Eagle Creek Alternate mile 4.8 – Cascade Locks
Total miles so far: 459.7
I sleep well down here on the Eagle Creek Trail. It’s not nearly as cold at the lower elevation, with the warm damp air, and I’m wonderfully cozy in my sleeping bag.
As I pack everything away I can’t believe that I’m doing it for the last time. I will be in my own bed tonight! What will that even be like?
I grab my little shovel and walk into the woods to dig my final cathole. No more digging holes in which to poop! No more dirty toilet paper to hike out with! If there’s one thing I will not miss about this hike, it’s the bathroom situation.
Hands sanitized and pack on my back, it’s time to hike. The trail is easy, dirt and rocks, one waterfall after another, and I pass each one in anticipation of the one waterfall I’ve been waiting for this entire hike: Tunnel Falls.
Finally I reach it, this tunnel that has been carved out behind a thundering waterfall, and I am lucky enough to have it entirely to myself. Sunday morning in the church of nature, indeed.
With three miles to go I finally have phone reception, and I call Paul. He’s disappointed that he won’t be there to greet me when I finish, but I promise him that it’s okay. There’s actually something fitting about finishing this thing by myself.
I know I’m getting close to the trailhead when I start to cross paths with squeaky clean day hikers in their brightly colored clothing, and the scent of their detergent and soap overwhelms me after so many days in the wilderness. I’ve never noticed it before, but man-made cleanliness has a very distinct smell. It’s not unpleasant – surely I’m the one giving off the unpleasant smell – but it’s powerful nonetheless.
The Eagle Creek Trail ends at a parking lot, and from here I follow the directions I ripped out of my guidebook before leaving home. I walk to the end of the parking lot, stop at the pit toilet, and follow the paved road down to the campground. At the edge of the campground I find a sign for the Gorge Trail, which I follow until it runs into a paved bike path onto which I am to turn right and continue on for two miles. That’s it, just two more miles to go.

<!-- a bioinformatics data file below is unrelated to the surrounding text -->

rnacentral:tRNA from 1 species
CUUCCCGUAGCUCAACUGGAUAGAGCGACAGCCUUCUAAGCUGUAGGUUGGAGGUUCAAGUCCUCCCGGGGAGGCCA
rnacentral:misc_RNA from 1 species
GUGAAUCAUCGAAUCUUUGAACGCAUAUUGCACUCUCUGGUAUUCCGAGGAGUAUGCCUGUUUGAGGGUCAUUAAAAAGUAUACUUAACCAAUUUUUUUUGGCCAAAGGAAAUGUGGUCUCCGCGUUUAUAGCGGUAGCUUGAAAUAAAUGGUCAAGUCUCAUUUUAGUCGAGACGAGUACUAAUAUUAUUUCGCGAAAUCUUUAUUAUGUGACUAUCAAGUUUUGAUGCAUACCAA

I am back in civilization now, surrounded by cars and highways and power lines and buildings, and all of the sudden I cannot stand being alone. Not now, not right now.
So I call my mother, my sweet mother who has been going out of her mind with fear this past month, and the relief in her voice is profound when I tell her that I am just two miles from being done. We talk for about twenty minutes, and I try to answer her question about why anyone would want to do this. Why would you choose suffering when you don’t have to? How is it possible to enjoy something that feels absolutely awful while you’re doing it?
I tell her that I did not do this hike for fun, and in sharing this I also try to explain the difference I see between fun and joy. Fun is going to a party, to the movies, or eating ice cream with a friend. Fun is wonderful and necessary, but it is fleeting. Joy – deep, lasting joy – has only ever come to me through doing something hard, something I cared about and had to work for.
I’ve heard it said that a good story is one in which a character wants something and has to overcome obstacles to get it. And isn’t this also what makes a good life?
I wanted to walk from the California/Oregon border to the Oregon/Washington border, and there were obstacles every single day. Blisters and pain, thirst and exhaustion, bears and rattlesnakes, insecurity, terror, loneliness, and doubt. But in just one more mile I will be standing at the Bridge of the Gods and I will have done it, I will have hiked 460 miles. Me, the girl who grew up in Manhattan and who had never been camping a night in her life until this summer. It might not have been all that much fun while I was doing it, but the joy I feel at this accomplishment can never be taken away.
My mother and I say goodbye with half a mile to go, because it turns out that I do want to finish this thing alone.
The bike path runs parallel to a main road at this point, and cars rush by on my right, filled with passengers who have no idea what this moment feels like for me. Finally, I can see the bridge in the distance and I start to cry. I am hiking faster and faster, almost running, and when I reach the sign that says, “Welcome to Historic Cascade Locks” I collapse on the grass beneath it and sob.
I did it.
Against all odds, despite every single obstacle, I did it.
I really actually did it.